Diarrheal Infection in Children Linked to Antibiotics

Diaarheal Infection in Children Linked to Antibiotics.

According to the Centers for Disease Control and Prevention (CDC), the majority of severe and potentially fatal pediatric diarrhea cases caused by Clostridium difficile infection (C. difficile) are linked to recent antibiotic treatments. Based on surveys of parents, 73% of children who suffered from a C. difficile infection were recently prescribed antibiotics to treat ear, sinus, or upper respiratory infections. Past studies have shown that at least half of upper respiratory infections do not require antibiotic treatment. The overuse of antibiotics places children at risk, as the antibiotics kill both bad and natural flora in the digestive system and create an imbalance that may allow a C. difficile infection to grow out of control and release toxins that inflame the gut. Dr. Tom Frieden, the Director of the CDC, writes, “When antibiotics are prescribed incorrectly, our children are needlessly put at risk for health problems including C. difficile infection and dangerous antibiotic resistant infections.”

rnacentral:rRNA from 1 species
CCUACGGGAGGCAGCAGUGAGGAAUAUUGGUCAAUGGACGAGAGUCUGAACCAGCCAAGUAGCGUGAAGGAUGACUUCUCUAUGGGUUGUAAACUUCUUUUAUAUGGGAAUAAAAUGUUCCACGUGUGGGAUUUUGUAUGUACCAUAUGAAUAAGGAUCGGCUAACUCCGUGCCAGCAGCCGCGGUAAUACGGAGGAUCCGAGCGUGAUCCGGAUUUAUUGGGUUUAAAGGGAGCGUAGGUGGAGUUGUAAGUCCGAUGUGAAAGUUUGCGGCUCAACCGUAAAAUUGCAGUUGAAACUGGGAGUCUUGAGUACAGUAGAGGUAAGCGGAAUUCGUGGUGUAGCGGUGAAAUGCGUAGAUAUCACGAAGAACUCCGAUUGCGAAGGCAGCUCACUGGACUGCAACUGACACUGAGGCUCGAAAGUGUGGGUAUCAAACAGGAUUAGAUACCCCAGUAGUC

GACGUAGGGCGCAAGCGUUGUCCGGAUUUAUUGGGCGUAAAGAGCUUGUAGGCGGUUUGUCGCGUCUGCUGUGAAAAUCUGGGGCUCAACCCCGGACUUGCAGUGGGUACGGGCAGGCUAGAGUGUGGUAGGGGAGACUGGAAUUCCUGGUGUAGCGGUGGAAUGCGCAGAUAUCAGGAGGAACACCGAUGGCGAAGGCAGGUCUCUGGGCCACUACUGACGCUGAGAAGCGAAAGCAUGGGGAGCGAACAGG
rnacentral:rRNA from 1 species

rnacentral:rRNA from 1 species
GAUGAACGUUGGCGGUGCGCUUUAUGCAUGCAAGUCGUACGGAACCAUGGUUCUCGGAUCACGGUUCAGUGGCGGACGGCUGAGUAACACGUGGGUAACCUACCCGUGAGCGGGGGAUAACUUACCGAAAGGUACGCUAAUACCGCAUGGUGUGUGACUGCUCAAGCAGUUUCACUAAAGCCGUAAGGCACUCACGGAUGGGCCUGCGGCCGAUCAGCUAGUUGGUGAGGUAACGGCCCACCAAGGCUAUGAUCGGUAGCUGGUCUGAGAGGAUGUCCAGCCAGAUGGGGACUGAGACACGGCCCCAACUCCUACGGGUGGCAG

Pediatrics, March 2014